Developing new products - an introductory guide

This guide is a simple introduction to product design and development, and takes you through the whole process, from protecting your ideas to finding the right manufacturer. If you are new to product development, this is the place to start!

 

Contents

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Introduction                                                                                                             

1. How will you protect your idea?                                                           

2. Who will buy your product?                                                                               

3. Who will you be competing with?                                                                    

4. What about the technical specification?                                                         

5. Which product standards are applicable?                                            

6. How will your product be made and sold?                                          

7. How will it be marketed?                                                                       

8. How much will all this cost?                                                                               

9. How will you pay for it?                                                                                      

10. Do you have a plan?                                                                                          

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Introduction

Developing new products is exciting and can be extremely profitable, but the risks are also considerable.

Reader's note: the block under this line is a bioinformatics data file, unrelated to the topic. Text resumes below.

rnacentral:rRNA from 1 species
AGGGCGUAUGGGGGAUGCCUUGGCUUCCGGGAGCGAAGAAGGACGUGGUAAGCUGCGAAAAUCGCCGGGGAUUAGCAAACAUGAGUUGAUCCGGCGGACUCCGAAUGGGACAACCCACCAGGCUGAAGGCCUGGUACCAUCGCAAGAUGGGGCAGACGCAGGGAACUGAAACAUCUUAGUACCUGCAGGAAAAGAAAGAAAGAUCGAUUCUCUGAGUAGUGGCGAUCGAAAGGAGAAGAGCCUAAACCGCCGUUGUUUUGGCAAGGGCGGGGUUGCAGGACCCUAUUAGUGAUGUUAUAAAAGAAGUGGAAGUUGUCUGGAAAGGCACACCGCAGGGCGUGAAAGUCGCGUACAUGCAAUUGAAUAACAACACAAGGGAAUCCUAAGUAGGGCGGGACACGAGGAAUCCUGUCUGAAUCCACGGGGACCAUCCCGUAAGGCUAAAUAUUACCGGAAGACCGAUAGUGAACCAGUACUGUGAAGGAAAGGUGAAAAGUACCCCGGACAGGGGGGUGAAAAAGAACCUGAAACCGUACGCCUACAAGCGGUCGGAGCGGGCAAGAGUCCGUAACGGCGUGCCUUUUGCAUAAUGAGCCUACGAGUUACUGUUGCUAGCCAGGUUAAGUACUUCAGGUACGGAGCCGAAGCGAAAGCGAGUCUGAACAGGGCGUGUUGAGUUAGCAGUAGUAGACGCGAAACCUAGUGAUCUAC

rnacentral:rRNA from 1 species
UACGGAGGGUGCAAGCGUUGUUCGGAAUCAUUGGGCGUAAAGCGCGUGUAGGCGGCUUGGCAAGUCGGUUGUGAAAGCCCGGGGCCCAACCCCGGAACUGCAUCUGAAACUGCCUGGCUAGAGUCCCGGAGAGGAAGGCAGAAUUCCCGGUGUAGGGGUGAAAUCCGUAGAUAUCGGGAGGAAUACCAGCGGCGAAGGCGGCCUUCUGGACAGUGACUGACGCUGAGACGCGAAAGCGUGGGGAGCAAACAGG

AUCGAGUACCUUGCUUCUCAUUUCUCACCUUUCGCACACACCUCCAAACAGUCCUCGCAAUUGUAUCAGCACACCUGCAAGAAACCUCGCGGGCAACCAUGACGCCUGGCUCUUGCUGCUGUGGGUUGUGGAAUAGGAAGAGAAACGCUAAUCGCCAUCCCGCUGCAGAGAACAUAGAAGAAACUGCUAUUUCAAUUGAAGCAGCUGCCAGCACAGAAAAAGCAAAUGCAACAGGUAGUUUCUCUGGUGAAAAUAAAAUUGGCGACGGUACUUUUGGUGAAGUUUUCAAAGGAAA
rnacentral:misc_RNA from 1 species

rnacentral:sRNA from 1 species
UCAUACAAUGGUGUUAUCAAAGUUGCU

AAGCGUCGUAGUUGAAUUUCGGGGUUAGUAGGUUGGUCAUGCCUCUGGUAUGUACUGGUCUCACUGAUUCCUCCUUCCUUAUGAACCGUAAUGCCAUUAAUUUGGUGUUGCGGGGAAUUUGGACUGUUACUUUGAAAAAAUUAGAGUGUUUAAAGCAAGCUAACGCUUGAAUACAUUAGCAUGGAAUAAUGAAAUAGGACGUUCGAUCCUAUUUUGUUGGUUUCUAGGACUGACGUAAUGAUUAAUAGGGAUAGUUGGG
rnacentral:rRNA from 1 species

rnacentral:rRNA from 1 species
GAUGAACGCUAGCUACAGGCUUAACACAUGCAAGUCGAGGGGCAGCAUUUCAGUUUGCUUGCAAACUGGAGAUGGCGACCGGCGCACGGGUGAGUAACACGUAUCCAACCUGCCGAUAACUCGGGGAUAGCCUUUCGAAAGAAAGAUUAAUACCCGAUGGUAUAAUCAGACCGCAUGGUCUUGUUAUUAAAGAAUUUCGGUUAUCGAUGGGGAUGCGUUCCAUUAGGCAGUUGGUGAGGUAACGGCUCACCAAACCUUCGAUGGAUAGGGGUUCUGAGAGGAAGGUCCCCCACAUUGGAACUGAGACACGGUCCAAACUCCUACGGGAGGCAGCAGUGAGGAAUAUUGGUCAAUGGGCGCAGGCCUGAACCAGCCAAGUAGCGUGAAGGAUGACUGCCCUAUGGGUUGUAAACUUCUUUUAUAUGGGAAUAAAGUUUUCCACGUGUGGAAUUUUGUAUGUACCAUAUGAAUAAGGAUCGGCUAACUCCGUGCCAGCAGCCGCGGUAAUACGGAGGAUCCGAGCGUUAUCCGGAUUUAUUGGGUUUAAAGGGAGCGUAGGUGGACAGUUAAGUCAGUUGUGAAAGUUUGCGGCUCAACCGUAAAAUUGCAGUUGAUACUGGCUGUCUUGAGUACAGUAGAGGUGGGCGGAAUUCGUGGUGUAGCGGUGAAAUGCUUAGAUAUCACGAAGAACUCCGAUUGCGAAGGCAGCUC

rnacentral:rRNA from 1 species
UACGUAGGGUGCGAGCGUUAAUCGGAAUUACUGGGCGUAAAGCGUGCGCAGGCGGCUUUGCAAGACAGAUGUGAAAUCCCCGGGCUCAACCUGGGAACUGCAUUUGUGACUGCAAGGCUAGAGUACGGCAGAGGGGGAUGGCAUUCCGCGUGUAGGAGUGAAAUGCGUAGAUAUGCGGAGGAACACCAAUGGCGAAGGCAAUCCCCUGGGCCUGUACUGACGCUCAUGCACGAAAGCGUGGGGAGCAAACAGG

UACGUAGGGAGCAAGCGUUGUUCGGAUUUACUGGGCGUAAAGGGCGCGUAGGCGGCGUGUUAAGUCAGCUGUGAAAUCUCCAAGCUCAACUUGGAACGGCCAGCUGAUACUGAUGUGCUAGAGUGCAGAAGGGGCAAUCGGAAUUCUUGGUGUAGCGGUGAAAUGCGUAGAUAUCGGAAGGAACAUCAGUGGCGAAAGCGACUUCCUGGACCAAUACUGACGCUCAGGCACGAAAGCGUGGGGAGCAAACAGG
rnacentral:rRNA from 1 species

Introduction to product design

The purpose of this guide is to look at ten fundamental questions that you need to consider to help you make the most of your opportunities and minimise your risks.

If this is your first venture into product development you will require equal quantities of enthusiasm and realism. You need the enthusiasm to carry you through the challenges of the process, and realism to recognise which of those challenges represent a risk worth taking.

Before you get into the details of the process, you also need to know the size of the project you are taking on. Make no mistake, the old adage about “build a better mousetrap and the world will beat a path to your door…” is nonsense. Product development is as much about marketing, research, finance and planning as it is about invention and new ideas.

The great news is that there has never been a better time to create new products. Low cost prototyping, innovative funding methods and the marketing power of the web and social media all reduce risk and increase opportunities for both businesses and ‘solopreneurs’.

We hope you find the following pages an easy, informative and useful read - and that it sets you on your way to profitable, enjoyable and low-risk product development!

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1. How will you protect your idea?

We’re covering this issue now because if you’re going to do it, it should be the first thing on your list.

Most issues of intellectual property protection (IP) come down to disclosure. Once you’ve talked about or published an idea you can’t protect it - because it makes it hard prove that you thought of it first. That said, you should always keep clear records of when you developed or modified an idea or design.

Keeping your product ideas private